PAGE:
Higher perceived life control decreases genetic variance in physical health: evidence from a national twin study

J Pers Soc Psychol. 2005 Jan;88(1):165-73. doi: 10.1037/0022-3514.88.1.165.


Physical health has been linked consistently with both income and sense of control, and the authors previously demonstrated that genetic variation in physical health measures decreased with increasing income (see W. Johnson & R. F. Krueger, 2004). Using a nationwide sample of 719 twin pairs from the MacArthur Foundation National Survey of Midlife Development in the United States, in this study the authors show that genetic variation in physical health measures (number of chronic illnesses and body mass index) also decreases with increasing sense of control. The authors integrate findings for income and control by demonstrating an interaction between genetic influences on sense of control and income in explaining physical health. They hypothesize that the mechanism underlying the interaction is the known biological relationship between metabolic efficiency and adaptation to stressful environments.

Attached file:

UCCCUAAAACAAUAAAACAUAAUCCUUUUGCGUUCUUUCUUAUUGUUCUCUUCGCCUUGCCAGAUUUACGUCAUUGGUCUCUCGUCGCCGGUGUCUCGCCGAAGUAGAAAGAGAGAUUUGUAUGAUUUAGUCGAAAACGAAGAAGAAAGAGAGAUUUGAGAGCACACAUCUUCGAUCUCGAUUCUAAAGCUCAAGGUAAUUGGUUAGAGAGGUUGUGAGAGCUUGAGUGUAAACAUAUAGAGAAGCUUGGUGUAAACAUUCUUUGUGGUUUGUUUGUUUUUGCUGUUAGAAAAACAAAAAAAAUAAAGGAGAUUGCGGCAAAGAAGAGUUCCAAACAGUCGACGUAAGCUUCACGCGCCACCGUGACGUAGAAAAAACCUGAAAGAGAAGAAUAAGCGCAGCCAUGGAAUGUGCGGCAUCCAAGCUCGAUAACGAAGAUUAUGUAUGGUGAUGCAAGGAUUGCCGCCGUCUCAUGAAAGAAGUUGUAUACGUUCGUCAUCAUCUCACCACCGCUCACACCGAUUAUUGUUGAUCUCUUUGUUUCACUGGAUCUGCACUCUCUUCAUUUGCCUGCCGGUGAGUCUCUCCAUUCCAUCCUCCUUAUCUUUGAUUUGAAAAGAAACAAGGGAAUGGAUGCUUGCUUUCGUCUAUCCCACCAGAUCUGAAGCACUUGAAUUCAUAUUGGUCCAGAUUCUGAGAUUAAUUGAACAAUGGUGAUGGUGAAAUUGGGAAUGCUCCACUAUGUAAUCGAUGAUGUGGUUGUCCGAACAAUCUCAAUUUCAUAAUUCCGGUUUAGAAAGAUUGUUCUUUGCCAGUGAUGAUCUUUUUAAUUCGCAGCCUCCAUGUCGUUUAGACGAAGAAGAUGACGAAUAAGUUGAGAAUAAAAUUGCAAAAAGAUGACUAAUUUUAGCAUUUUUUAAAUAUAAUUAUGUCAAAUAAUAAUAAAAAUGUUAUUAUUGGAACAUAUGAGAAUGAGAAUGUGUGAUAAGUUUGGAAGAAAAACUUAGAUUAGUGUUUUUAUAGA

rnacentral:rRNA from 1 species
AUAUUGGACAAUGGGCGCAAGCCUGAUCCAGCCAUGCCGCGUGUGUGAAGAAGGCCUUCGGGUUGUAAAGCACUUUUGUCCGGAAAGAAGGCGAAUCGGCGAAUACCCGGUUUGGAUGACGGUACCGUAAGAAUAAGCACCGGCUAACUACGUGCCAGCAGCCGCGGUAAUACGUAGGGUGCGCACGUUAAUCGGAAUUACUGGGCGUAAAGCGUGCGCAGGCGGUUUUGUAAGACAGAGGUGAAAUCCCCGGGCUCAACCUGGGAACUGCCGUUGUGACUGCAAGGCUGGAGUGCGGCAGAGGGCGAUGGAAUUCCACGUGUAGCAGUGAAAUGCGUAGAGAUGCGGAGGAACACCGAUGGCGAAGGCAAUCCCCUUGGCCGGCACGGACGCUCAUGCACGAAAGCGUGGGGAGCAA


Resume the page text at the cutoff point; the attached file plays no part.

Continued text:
Publication types

  • Research Support, Non-U.S. Gov't
  • Research Support, U.S. Gov't, P.H.S.
  • Twin Study

MeSH terms

  • Adaptation, Physiological / physiology
  • Adult
  • Aged
  • Body Mass Index
  • Diseases in Twins / genetics*
  • Diseases in Twins / psychology*
  • Educational Status
  • Female
  • Genetic Variation / physiology*
  • Health Status*
  • Humans
  • Income / statistics & numerical data
  • Internal-External Control*
  • Male
  • Marital Status
  • Middle Aged
  • Perception / physiology*
  • Stress, Psychological / psychology
  • Surveys and Questionnaires
  • United States